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Different voices, voicing difference
Gilli Bush-Bailey

voice in her autobiographical writing, newspaper interviews, contracts and correspondence preserved in the BBC’s written archives, this chapter attends to the shifting register of her voice as the wronged writer negotiating a better fee or doggedly chasing up her copyright. In her many letters to the Authors’ Society (held by the British Library), she asks for legal advice and representation against unscrupulous publishers, while simultaneously attempting to get around paying fees for membership of the organisation that she wishes to act on her behalf. As a co

in Stage women, 1900–50
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Northern Irish fiction after the Troubles
Neal Alexander

central to many novels of the post-Agreement period. In this regard, it is worth noting that three recent novels by established writers are each set at a significant historical remove from the North’s current interregnum. Bernard McLaverty’s The Anatomy School (2001) is a semi-autobiographical novel of Northern Catholic adolescence and sexual awakening against the backdrop of late 1960s Belfast; Eoin McNamee’s The Blue Tango (2001) reconstructs the circumstances surrounding the murder of Patricia Curran at Whiteabbey on 13 November 1952; and David Park’s The Big Snow

in Irish literature since 1990
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Christopher Morgan

matter of Thomas as a priest of the Church in Wales, an Anglican vicar ministering amongst a native community traditionally non conformist. Beneath the surface of these more obvious linguistic, political, and religious hauntings are still other tensions, less overt, more obscure and even obscured, but none the less central and potent. For example, the first prose-poem from his autobiographical collection The Echoes Return Slow (1988) describes, in a shocking way, what Thomas, at that time past seventy years old, imagines to have been the experience of his caesarean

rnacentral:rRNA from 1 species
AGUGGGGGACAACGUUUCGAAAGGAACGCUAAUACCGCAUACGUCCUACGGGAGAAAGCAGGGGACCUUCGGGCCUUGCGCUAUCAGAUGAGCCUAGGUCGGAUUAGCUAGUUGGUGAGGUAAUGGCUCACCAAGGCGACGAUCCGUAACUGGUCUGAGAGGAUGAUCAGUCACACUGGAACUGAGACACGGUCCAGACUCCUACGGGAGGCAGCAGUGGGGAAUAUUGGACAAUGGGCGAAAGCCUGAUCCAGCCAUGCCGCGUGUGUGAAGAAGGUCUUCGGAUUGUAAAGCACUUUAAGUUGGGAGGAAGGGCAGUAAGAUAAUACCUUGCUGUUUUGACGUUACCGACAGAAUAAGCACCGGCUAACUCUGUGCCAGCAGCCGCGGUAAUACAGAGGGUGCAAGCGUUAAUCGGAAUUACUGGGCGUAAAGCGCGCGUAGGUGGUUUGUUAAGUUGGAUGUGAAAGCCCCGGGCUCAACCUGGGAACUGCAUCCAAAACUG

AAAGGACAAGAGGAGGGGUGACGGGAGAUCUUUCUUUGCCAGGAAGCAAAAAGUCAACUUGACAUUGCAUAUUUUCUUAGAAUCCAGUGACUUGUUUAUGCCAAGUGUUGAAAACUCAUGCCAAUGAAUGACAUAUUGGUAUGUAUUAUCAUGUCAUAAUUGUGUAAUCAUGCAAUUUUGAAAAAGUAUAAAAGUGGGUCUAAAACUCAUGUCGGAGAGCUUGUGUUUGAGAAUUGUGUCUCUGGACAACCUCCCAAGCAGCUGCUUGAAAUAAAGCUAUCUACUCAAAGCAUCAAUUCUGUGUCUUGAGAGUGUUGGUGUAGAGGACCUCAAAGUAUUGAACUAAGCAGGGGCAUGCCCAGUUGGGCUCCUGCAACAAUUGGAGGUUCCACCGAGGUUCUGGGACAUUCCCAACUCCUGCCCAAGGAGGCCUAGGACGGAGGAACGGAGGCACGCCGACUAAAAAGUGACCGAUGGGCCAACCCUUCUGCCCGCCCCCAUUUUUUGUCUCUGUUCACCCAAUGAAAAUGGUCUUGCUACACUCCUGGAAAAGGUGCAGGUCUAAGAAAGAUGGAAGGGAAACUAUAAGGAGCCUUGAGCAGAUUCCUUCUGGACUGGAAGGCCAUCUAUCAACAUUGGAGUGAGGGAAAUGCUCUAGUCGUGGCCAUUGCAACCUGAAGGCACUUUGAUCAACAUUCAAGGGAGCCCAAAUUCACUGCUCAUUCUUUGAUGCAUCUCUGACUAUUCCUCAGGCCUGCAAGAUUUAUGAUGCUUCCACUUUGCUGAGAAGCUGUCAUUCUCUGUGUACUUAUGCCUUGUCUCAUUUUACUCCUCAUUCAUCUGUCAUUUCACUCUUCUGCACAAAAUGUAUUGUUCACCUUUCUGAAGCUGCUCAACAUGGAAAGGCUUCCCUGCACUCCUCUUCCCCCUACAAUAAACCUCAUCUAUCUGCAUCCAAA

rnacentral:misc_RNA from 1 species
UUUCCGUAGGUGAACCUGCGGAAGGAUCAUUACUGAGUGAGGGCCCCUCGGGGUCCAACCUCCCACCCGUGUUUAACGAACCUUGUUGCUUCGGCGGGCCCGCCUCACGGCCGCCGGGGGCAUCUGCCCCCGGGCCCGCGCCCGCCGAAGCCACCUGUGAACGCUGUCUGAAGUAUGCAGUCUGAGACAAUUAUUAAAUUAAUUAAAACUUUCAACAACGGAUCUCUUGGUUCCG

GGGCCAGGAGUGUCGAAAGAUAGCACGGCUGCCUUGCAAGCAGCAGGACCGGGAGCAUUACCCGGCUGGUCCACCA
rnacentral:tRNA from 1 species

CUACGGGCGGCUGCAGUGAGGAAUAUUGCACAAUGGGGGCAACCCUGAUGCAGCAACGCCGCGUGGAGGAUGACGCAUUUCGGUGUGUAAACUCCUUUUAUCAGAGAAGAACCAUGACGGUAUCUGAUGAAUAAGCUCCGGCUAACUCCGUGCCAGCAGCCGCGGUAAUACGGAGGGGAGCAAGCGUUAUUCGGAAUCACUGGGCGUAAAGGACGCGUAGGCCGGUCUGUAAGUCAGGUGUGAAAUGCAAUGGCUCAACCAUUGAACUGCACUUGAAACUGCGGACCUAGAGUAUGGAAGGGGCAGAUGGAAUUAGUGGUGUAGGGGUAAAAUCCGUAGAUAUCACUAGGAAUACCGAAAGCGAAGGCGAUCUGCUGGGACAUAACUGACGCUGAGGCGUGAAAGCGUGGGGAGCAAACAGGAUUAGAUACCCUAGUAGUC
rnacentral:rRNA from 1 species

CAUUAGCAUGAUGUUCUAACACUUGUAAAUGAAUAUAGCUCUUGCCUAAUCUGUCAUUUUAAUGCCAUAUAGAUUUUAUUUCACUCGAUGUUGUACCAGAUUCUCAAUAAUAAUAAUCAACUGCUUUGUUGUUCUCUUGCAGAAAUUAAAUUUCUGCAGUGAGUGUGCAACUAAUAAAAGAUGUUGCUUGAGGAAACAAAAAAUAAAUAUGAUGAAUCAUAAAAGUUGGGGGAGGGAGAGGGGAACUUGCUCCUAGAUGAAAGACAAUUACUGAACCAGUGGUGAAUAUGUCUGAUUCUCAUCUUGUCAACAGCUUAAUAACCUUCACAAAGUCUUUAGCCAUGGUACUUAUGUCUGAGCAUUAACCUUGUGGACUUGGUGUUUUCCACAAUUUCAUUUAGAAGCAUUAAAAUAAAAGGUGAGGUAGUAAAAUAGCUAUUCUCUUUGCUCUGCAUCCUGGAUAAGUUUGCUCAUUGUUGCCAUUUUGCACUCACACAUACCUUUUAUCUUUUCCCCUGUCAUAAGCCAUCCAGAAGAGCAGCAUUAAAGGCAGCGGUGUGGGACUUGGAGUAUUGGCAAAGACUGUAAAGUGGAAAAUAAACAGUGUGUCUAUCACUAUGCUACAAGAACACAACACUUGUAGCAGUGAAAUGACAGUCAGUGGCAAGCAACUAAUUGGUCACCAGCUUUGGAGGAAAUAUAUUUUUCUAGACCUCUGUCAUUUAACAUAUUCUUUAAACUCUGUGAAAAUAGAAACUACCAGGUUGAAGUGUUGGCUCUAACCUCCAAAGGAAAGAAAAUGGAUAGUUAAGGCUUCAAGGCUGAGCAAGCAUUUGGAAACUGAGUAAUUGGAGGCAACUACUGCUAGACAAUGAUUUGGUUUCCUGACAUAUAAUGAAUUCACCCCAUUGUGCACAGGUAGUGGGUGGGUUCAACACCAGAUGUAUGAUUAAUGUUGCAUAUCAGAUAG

in R. S. Thomas
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The adolescent girl and the nation
Elleke Boehmer

to define the postcolonial nation from their perspective. Indeed, in the autobiographical Head Above Water (1986) she self-consciously situates herself as a ‘new [woman] of the new Africa’, more assertive, more complex (she claims) than her mothers, but still connected with the past, and situated within a family lineage of female storytellers.17 As with Stead and Schreiner, therefore, Emecheta’s method might be characterised as broadly ‘temporal/territorial’ according to the definitions set out in the previous chapter, but also as (auto)biographical, in so far as her

in Stories of women
Howard Caygill

definitive version under the title ‘Levant’ appearing in the 1942 edition. Before this it appeared under the title ‘Mist’, which was itself a revision, in 1919, of a rather different poem ‘The Supplicants’ published in the Florentine journal Lacerba in 1915 and absent from Il porto sepolto. The final version is the outcome of a sustained process of distillation that, beginning with an inelegant autobiographical account of a voyage shared with emigrants, was transformed into a magnificent meditation upon migration, death and commemoration. ‘Levant’ is structured in terms of

in The new aestheticism
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Colonial body into postcolonial narrative